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Surgery in one foot affects both feet?

Posted by Mike on 5/27/04 at 02:46 (151355)

I have Bilateral TTS/Neuropathy and had surgery in Jan 04 performed by Dr. Dellon. After surgery. I was immediately pain free but after about 2 months, the pain slowly came back and am still waiting to see if this was successful or not.

The thing is, even though only one foot was operated on, I was pain free in both feet, and when the pain came back, it came back in both feet as well.

I was wondering if anyone has had both feet effected by surgery on one foot and/or any ideas on how or why it can effect both feet?


Re: Surgery in one foot affects both feet?

wendyn on 5/27/04 at 06:48 (151356)

Mike, I suspect that the rest after surgery helps both feet feel better. Then, when you return to normal activity - the pain comes back.

Re: Surgery in one foot affects both feet?

Claire on 5/27/04 at 08:50 (151366)

Mike, what did Dr. Dellon find when he performed surgery?

Re: Surgery in one foot affects both feet?

LARA on 5/27/04 at 10:57 (151383)

A similar thing happened to me. I didn't have surgery, but I was given one compression sock. He had to order a second sock for me, so he put the one he had on the foot that had the slowest reading on the NCV test. To my utter suprise, both feet got better. I did a little experiment and put my one sock on the other foot - both feet got worse - I stopped the experiment. I've mentioned it periodically to doctors and these is the responses:

1. That's cuz your gait is bilateral. I don't buy it. The body is bilateral but not perfectly bilateral. There would be some different between the two - and there isn't. Both feet change the same, up or down.


3. Who knows? (from one of the doctors able to admit she doesn't know everything).

4. It's in your head - like taking an aspirin - sometimes help people even thought aspirin isn't effective for it. I don't buy this one either. I do believe there are placebo effects. Actually, I suspect it's more like a Pavlov's dog repsonse in most cases - recent research indicates that the placebo effect is much more uncommon that initially thought (I could explain more about why the initial research reached the wrong conclusion but don't have time right now - have to go rescue my son soon as I finish this). Even assuming the placebo effect occurs in abundance - it occurs because people expect something to work. When I take an aspirin, I hope it will work. When I put a sock on one foot, I don't expect it to help BOTH feet.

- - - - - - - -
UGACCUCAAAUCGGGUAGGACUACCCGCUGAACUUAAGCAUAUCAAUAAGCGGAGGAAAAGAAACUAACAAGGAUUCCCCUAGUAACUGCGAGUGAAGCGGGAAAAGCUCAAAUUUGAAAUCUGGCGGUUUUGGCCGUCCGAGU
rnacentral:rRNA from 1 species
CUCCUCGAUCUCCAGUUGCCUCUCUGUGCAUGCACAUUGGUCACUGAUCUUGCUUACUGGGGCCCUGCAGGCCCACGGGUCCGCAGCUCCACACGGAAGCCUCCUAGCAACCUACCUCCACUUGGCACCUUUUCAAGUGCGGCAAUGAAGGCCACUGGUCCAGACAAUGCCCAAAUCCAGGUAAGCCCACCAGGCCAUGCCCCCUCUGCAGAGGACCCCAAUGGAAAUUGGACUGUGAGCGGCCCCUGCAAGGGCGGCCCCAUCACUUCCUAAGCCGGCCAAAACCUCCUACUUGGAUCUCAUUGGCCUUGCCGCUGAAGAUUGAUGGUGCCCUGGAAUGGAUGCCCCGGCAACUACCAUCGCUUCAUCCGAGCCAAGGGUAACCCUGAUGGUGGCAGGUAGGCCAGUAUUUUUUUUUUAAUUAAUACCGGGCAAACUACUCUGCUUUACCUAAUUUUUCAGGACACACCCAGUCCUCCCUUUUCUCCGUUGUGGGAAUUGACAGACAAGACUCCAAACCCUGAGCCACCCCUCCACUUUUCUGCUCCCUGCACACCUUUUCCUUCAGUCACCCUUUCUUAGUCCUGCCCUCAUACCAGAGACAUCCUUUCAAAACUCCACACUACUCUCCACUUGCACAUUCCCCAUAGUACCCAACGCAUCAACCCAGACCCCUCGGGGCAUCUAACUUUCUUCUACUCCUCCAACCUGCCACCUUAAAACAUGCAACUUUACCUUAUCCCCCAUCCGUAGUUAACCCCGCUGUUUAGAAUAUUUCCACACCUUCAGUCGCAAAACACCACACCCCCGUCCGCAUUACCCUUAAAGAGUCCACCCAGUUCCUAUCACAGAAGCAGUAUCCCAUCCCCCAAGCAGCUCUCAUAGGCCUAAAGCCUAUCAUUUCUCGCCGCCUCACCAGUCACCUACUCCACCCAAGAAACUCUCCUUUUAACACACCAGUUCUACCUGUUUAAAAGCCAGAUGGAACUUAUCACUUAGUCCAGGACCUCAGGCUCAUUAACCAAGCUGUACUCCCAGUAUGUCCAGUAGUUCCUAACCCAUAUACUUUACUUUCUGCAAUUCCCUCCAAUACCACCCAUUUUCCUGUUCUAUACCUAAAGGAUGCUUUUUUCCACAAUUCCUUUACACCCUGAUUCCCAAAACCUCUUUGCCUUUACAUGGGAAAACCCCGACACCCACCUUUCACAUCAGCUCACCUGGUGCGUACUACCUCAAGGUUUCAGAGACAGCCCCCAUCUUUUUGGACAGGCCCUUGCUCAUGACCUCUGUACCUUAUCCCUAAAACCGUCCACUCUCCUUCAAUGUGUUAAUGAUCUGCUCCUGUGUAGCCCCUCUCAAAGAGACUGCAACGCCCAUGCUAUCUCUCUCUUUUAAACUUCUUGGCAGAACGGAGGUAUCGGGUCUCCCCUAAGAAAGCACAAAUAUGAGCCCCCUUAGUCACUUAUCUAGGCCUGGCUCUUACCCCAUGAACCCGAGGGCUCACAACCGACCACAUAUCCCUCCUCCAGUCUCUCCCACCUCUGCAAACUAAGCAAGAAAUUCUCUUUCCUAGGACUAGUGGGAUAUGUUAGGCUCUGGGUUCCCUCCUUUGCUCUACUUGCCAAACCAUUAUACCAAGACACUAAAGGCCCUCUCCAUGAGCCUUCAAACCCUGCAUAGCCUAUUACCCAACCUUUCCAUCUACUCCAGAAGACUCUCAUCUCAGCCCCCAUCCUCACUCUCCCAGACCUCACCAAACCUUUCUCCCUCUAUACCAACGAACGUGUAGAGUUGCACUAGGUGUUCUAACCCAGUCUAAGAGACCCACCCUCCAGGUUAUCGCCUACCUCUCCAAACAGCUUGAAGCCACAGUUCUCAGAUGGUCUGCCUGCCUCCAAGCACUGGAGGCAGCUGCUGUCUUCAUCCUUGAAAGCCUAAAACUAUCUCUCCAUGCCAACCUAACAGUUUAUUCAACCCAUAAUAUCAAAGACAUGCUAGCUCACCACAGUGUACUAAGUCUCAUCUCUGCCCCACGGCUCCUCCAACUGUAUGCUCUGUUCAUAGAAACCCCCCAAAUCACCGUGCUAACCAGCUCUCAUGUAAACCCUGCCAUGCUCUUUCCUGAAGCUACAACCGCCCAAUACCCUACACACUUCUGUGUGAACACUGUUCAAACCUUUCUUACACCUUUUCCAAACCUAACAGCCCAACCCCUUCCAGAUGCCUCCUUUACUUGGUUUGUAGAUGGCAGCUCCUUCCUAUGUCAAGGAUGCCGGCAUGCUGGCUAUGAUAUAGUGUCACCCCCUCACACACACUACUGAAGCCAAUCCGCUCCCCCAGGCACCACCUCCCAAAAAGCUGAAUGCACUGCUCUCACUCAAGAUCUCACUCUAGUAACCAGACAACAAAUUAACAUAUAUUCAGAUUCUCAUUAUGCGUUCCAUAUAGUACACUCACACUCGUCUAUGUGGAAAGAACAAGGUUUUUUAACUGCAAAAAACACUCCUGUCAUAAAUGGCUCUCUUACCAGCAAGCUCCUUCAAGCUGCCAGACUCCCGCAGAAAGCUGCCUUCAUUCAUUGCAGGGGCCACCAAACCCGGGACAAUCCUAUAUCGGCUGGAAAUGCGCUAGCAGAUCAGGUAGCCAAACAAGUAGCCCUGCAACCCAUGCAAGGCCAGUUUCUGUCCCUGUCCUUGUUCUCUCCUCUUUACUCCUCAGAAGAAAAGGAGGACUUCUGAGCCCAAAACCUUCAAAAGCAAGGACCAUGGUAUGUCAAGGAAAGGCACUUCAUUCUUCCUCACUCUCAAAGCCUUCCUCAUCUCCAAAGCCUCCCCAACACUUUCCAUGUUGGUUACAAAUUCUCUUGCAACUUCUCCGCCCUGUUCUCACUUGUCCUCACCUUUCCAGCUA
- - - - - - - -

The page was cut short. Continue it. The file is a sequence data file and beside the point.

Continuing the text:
5. Yea, I can't explain it but I've noticed that too. That's why now I always give cortisone shots in just one foot, and wait to see what happens. Several people have reported the same kind of phenomena.


I hit upon a second experiment. When I wear compression socks I predictably enough have what I call a 'red sock' when I get out of my shower. My socks go from my arch to just above my ankle. The 'red sock' is just the rush of blood from the hot shower where the area has been 'compressed'. It's rather meaningless from a medical standpoint, but does indicate that the area as been 'compressed' and blood flow restricted. So for a few days I wore just one sock 24/7 (I generally wear two in spite of my findings just cuz it's more logical on it's face and doesn't hurt anything). I then took a shower. I reasoned that if the sock was working on both feet because of some complicated messaging system in the body or something, then both feet would have a red sock. When I got out of the shower I asked my husband (the statitistician) to look at my feet and tell me if one or both feet had a 'red sock'. I hadn't told him about the experiment beforehand. He confirmed my observation - both feet has a 'red sock' - although one sock was 'redder' than the other.

So my conclusion is there is some kind of messaging system in the body, probably the neurological system, that does in fact speak to the bilateral nature of the body - but it shows itself in the messaging system, not because both feet are used the same way and therefore experience the same symptoms.

Gotta run, hope this makes sense.

Re: Surgery in one foot affects both feet?

Mike on 5/27/04 at 11:55 (151388)

Swollen nerves which was expected.
I dont have typical TTS. Its sort of a super imposed version due to being diabetic. Rather than having an injury or small tunnel causing compression, diabetics, due to a metobolic process caused by high blood glucose, have swelling of the nerves which exceed the boundaries of the tunnel causing compression.